Brian Dillon was working on a loading dock outside the Empire State Building Friday afternoon when he saw a man in a light brown suit pumping shots into the head of another man on the sidewalk as terrified bystanders ran for cover.
The man, 58-year-old Jeffrey Johnson, started walking away into the Fifth Avenue crowd after he fatally shot his former colleague, Steven Ercolino, the vice president of Hazan Import Corp., a women's fashion clothing and accessories company.
In an interview with News12 Westchester, Dillon said he was determined not to let the shooter get away.
"He just murdered someone in broad daylight, calmly turning and walking away like it was something he did every day, and somehow thought he would get away with it," he said. "I couldn't let that happen."
He trailed Johnson down the street and flagged down two New York City police officers on patrol in the neighborhood. They confronted Johnson, who pulled out a gun and was shot to death. In the hail of gunfire, nine bystanders were wounded.
Dillon, 44, of New Rochelle, said he doesn't consider himself a hero.
"I think the cops are the heroes," the Yonkers native said. "They're the ones that put their lives on the line."
NYPD Commissioner Ray Kelly said on Saturday that the two veteran NYPD officers appeared to have no choice but to shoot Johnson -- whose body had 10 bullet wounds in the chest, arms and legs -- when he whirled around and pointed a .45-caliber pistol at them as they approached him from behind on a crowded sidewalk.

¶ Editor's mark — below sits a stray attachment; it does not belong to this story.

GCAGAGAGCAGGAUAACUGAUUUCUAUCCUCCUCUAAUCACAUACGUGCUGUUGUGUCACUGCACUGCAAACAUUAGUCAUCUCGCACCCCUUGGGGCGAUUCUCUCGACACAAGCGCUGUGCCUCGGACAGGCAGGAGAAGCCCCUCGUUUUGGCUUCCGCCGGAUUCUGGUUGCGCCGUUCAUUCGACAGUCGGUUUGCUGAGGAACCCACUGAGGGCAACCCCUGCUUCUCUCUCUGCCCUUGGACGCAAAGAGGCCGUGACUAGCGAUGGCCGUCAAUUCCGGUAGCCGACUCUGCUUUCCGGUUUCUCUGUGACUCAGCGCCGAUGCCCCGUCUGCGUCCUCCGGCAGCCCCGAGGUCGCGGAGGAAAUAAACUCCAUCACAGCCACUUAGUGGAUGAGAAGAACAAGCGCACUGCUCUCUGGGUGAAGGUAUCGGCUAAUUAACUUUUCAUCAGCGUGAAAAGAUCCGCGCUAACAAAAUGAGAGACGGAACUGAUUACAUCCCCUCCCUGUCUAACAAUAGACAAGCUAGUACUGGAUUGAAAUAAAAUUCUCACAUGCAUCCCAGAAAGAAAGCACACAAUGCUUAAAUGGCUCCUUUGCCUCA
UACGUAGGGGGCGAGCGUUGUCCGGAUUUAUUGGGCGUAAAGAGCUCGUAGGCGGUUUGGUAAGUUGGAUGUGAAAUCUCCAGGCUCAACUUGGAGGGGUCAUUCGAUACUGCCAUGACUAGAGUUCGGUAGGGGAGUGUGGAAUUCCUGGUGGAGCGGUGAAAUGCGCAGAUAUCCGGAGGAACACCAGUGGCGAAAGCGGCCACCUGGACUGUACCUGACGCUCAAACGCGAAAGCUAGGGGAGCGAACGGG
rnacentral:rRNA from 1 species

Kelly said a preliminary investigation determined that three people were struck by whole bullets and the rest were grazed "by fragments of some sort," he said.
Two women with leg wounds and a man with a wound to his buttocks required surgery and remained hospitalized Saturday, according to the NYPD. Both were listed in stable condition.
Johnson and Ercolino, who recently had lived in Warwick, had a history of workplace squabbles before Johnson was laid off from their company a year ago. At one point, the two men had grappled physically in an elevator, according to the NYPD.
A security videotape from the scene Friday shows civilians -- including several sitting on a bench only a few feet away -- scattering as the officers opened fire. The shooting happened as the neighborhood bustled with people arriving for work.
A NYPD spokesman declined to comment on Dillon's role in apprehending Johnson, citing the ongoing investigation.
With The Associated Press